The eccentric rotor forces the vane to move outward and inward while loaded, thus binding in the slots and setting up high resistance to movement. Such vanes, when extended have only a short base to hold them. Attempts have been tried by others to overcome this serious weakness by extensions of fingers like character on the bottom of the vanes which interconnect with fingers on the vane on the opposite side of the motor. This only partly solves the problem and adds two new ones, on of which is increased cost of vanes and the other being the bypassing of gas or liquid from the pressure side of the suction side alongside the vanes.

The present motor uses a means entirely unique and original to separate the pressure side from the: suction side and to control the movement outward and inward of the vanes. The new moon shaped block is securely bolted to the bottom of the motor and fills completely the space between the moving sidewalls or circular plates and the center rotor, thus separating the pressure side from the suction side. The block forces the vanes back into the slots of the center rotor at the end of the power stroke and limits and regulates the outward movement of the vanes after the bottom center is passed by the vanes. The block carries three spring loaded seals to compensate for wear of the center rotor and of the inner edge of the rotating plates. Two flat spring loaded seals in the outer motor housing compensate for wear of the outer surfaces of the plates. This construction likewise is not present in any eccentric rotor motor.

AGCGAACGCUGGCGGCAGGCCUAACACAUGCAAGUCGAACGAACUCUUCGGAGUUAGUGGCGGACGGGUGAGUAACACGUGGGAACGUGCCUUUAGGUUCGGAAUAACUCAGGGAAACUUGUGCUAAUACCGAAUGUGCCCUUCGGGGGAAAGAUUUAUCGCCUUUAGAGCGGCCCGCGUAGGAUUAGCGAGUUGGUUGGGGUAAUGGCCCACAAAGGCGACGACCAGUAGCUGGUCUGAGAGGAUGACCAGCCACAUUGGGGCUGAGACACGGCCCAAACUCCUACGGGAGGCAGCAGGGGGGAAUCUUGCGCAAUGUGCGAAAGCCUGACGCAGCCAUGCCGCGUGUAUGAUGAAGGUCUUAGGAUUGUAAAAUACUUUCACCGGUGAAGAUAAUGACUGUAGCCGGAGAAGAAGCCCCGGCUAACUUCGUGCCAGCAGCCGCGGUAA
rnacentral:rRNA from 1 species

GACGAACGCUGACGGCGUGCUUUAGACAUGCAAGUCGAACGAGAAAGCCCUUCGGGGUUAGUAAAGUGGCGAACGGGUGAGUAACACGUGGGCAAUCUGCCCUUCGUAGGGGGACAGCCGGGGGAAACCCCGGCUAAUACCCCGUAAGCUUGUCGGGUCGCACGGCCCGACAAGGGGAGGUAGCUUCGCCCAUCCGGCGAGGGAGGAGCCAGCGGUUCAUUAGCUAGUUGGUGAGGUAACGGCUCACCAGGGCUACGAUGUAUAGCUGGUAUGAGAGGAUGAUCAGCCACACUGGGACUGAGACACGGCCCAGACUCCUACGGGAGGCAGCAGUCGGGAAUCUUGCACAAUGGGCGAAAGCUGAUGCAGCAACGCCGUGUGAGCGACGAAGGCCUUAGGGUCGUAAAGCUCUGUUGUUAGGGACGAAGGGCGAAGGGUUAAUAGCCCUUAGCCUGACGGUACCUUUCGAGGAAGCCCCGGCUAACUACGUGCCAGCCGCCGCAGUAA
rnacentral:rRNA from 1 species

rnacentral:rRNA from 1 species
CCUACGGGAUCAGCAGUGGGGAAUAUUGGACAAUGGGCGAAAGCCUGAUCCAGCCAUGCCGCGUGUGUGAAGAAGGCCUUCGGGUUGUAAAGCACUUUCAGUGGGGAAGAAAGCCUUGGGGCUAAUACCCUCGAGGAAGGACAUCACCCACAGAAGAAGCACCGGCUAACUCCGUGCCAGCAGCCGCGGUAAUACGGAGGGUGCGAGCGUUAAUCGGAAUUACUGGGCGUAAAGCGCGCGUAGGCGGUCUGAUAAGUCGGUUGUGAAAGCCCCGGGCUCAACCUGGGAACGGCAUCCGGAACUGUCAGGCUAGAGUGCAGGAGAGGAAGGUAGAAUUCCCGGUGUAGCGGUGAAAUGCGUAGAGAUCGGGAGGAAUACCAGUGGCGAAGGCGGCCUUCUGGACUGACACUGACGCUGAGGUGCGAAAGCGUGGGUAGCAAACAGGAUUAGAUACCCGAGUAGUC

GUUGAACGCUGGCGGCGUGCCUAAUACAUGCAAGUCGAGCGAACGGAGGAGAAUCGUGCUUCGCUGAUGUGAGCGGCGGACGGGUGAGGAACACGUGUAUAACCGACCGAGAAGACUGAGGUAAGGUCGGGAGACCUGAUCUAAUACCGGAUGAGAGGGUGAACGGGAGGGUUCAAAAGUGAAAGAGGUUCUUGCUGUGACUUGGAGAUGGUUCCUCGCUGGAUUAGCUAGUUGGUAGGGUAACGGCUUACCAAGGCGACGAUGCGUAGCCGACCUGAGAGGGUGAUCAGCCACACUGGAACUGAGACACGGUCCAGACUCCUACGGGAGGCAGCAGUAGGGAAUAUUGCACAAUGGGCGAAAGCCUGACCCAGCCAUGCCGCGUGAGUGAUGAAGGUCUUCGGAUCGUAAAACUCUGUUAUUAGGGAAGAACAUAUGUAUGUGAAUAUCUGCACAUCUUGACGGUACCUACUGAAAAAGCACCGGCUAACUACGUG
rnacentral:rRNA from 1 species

Regarding the protection of blocks, the present invention motor has a vane that is planed fiat and comprises a piece of steel with openings drilled from the bottom side to within onehalf inch of the outer edge so to lighten the same in weight. The leading edge of the outer end of the vane considered from the standard point of its most frequent direction of rotation has a small angled new moon cut into it. The purpose of this cut is to kick the vane toward the rotor center after it passes the outlet port and eliminate or at least greatly reduce hammering of the vane on the block as it first makes contact. In operative use, considerable gas or liquid is trapped ahead of the vane after it passes the outlet port. A small are or trough is cut in the center of the block to allow the trapped gas or liquid to escape by means of the trough. The escaping of the liquid or gas out of the trough past the end of the vane produces thrust against the angled base of the cut in the vane, thus forcing it back to prevent hammering on the block. This will work best at high speed and that is when it is most particularly needed.